How's this for a solution?
You could implement, say, 60 LED's driven with an octet of shift registers. Drive 8 shift registers with 8 output pins apiece and you can control 60 (64, actually) LED's. Implementing brightness and the fading (where certain LED's in the center are brighter than their counterparts on the sides) is just a matter of PWM. I'm not sure how many pins that would require. It's either 16 (one serial and one clock) for each, or 9 (one serial each and one common clock.) I don't know if you can get away with one common clock.
I suppose if PWM over serial is too clunky you could implement it using an 8x8 charlieplex instead, but the charlieplex would require 16 pins as well.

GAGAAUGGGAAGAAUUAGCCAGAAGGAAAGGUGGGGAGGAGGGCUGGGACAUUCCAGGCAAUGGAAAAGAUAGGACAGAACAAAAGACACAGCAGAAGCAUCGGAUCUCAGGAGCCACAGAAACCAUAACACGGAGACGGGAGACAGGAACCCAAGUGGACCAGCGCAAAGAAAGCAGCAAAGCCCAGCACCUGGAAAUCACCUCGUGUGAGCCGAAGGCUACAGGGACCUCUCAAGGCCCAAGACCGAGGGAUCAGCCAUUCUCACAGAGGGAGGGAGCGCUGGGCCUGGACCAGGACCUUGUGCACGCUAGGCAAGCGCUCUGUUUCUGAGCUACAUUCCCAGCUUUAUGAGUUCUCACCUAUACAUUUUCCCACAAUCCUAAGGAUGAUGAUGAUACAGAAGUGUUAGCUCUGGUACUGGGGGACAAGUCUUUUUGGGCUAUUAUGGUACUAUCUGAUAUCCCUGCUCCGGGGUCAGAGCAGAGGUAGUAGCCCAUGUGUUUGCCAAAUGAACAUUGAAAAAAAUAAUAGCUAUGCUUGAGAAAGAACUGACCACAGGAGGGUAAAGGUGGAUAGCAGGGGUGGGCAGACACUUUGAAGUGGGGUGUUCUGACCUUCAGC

Once you establish control over the 60 LED's, the rest of the effort is centered around
a) implementing a clock, and
b) choosing the presentation.
That is to say, choosing whether you want the blue or the red LED's, whether you want a dark background with bright "hands" or a bright background with dark "hands," etc... Bookkeeping entries, that aren't too terribly interesting, though will probably cost 10x as much time in the debugging.
I suppose if you want multiple colors you're multiplying the number of pins you need by another ugly number. RGB LED's mean you need to control 180 cathodes instead of 60 which probably means you've no bloody choice than to cascade multiple shift registers into each other. The LadyAda comments in the partselector page suggest that's possible but as for pulling that off: banned if I know.
Red M&M, Blue M&M: They all wind up the same color